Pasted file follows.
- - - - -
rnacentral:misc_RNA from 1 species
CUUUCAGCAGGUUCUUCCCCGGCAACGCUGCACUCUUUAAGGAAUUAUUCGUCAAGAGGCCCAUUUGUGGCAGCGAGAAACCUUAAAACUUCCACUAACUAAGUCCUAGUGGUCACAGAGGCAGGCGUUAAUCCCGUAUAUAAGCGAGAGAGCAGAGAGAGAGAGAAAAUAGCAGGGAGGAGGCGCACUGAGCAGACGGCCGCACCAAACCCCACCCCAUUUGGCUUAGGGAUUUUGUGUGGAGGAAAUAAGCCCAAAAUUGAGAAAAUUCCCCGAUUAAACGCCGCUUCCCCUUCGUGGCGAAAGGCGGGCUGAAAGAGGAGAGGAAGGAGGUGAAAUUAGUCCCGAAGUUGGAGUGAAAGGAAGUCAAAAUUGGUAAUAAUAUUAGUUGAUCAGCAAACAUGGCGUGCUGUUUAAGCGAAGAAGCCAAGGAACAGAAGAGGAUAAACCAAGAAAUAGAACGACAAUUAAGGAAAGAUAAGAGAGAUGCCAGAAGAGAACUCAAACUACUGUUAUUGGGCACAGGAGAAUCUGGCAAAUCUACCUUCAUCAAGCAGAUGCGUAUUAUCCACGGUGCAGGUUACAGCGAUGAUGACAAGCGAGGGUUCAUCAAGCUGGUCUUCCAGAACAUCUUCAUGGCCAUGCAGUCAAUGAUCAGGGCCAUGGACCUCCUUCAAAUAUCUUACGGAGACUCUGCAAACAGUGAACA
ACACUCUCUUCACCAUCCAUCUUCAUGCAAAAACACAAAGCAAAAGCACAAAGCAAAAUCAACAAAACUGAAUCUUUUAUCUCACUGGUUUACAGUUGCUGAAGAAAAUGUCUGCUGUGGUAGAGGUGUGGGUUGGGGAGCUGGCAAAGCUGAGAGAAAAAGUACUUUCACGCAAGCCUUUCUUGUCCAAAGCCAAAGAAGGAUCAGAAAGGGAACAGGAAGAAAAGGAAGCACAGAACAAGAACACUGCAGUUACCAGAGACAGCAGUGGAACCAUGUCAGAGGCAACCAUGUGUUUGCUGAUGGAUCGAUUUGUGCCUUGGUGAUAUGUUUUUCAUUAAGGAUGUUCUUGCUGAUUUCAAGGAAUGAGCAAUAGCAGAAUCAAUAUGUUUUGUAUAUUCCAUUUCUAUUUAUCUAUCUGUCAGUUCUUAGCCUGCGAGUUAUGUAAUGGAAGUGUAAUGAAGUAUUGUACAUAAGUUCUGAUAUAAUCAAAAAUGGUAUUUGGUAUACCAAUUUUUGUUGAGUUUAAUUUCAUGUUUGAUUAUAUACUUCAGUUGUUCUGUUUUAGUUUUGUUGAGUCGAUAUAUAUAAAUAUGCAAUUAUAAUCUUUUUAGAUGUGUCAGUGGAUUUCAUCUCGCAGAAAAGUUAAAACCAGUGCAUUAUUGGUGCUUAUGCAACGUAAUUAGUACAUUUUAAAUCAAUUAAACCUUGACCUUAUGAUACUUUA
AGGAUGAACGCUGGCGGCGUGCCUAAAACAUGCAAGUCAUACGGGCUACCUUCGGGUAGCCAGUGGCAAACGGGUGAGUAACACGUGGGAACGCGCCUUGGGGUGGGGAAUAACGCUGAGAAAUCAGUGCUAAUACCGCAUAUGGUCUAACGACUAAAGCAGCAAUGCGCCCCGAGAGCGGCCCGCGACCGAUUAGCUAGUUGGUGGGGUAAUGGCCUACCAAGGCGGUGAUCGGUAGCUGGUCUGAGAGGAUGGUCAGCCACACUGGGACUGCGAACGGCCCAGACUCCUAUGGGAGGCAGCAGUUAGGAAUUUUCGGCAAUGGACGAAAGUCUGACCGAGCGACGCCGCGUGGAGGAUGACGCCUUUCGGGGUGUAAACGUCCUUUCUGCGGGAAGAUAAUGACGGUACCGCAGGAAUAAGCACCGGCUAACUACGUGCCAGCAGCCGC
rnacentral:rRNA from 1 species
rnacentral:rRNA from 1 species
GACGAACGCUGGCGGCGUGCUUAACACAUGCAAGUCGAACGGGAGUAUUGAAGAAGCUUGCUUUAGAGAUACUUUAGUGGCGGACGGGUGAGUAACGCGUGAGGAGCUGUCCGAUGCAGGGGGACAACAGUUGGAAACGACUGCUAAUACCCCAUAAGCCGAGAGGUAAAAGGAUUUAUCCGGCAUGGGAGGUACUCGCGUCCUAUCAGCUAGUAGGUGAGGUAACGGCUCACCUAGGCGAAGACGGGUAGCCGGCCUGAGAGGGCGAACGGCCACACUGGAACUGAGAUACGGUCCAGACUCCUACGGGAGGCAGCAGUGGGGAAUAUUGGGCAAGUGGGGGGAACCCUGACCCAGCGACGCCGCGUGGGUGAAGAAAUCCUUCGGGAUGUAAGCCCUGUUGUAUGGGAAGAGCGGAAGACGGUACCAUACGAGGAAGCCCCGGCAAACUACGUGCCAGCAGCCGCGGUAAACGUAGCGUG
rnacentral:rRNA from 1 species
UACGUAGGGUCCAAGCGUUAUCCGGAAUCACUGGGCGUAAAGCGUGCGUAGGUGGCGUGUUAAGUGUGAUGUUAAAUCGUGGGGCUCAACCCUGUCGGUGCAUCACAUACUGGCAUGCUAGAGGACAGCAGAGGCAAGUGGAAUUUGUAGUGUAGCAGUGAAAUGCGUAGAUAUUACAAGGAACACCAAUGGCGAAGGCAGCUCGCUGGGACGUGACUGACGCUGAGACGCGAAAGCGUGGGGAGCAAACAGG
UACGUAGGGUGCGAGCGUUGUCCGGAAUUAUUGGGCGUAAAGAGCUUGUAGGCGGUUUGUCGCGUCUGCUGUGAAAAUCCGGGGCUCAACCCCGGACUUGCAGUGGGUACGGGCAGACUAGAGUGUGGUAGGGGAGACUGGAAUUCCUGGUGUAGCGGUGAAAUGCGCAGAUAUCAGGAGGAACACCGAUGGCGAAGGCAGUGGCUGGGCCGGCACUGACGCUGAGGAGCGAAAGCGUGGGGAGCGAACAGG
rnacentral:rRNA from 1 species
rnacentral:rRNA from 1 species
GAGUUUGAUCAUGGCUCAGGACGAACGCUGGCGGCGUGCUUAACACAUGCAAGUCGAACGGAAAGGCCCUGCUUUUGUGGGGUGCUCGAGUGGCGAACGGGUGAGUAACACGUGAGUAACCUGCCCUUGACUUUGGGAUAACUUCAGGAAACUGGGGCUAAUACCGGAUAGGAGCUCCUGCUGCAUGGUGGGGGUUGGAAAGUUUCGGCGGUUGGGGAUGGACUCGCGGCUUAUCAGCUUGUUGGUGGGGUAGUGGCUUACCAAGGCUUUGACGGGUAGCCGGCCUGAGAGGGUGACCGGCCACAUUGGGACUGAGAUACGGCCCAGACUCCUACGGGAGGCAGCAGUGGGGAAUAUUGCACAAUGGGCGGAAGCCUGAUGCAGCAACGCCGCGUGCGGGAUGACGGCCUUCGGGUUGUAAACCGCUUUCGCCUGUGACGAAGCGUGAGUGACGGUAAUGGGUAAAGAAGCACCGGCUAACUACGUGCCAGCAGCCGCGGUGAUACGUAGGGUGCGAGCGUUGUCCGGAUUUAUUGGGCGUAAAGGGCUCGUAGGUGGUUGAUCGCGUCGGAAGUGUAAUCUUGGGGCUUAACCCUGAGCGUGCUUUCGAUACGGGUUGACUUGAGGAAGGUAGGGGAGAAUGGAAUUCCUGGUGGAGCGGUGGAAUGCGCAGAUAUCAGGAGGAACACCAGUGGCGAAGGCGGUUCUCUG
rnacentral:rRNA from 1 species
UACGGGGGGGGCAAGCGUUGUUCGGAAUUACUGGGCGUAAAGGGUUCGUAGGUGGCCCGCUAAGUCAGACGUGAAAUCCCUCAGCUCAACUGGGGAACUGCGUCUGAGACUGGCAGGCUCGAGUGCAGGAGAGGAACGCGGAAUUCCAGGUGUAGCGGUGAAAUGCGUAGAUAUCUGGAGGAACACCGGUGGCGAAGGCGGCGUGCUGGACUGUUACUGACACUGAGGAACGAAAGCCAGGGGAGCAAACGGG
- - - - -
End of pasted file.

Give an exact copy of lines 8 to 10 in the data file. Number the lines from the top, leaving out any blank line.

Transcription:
rnacentral:rRNA from 1 species
UACGUAGGGUCCAAGCGUUAUCCGGAAUCACUGGGCGUAAAGCGUGCGUAGGUGGCGUGUUAAGUGUGAUGUUAAAUCGUGGGGCUCAACCCUGUCGGUGCAUCACAUACUGGCAUGCUAGAGGACAGCAGAGGCAAGUGGAAUUUGUAGUGUAGCAGUGAAAUGCGUAGAUAUUACAAGGAACACCAAUGGCGAAGGCAGCUCGCUGGGACGUGACUGACGCUGAGACGCGAAAGCGUGGGGAGCAAACAGG
UACGUAGGGUGCGAGCGUUGUCCGGAAUUAUUGGGCGUAAAGAGCUUGUAGGCGGUUUGUCGCGUCUGCUGUGAAAAUCCGGGGCUCAACCCCGGACUUGCAGUGGGUACGGGCAGACUAGAGUGUGGUAGGGGAGACUGGAAUUCCUGGUGUAGCGGUGAAAUGCGCAGAUAUCAGGAGGAACACCGAUGGCGAAGGCAGUGGCUGGGCCGGCACUGACGCUGAGGAGCGAAAGCGUGGGGAGCGAACAGG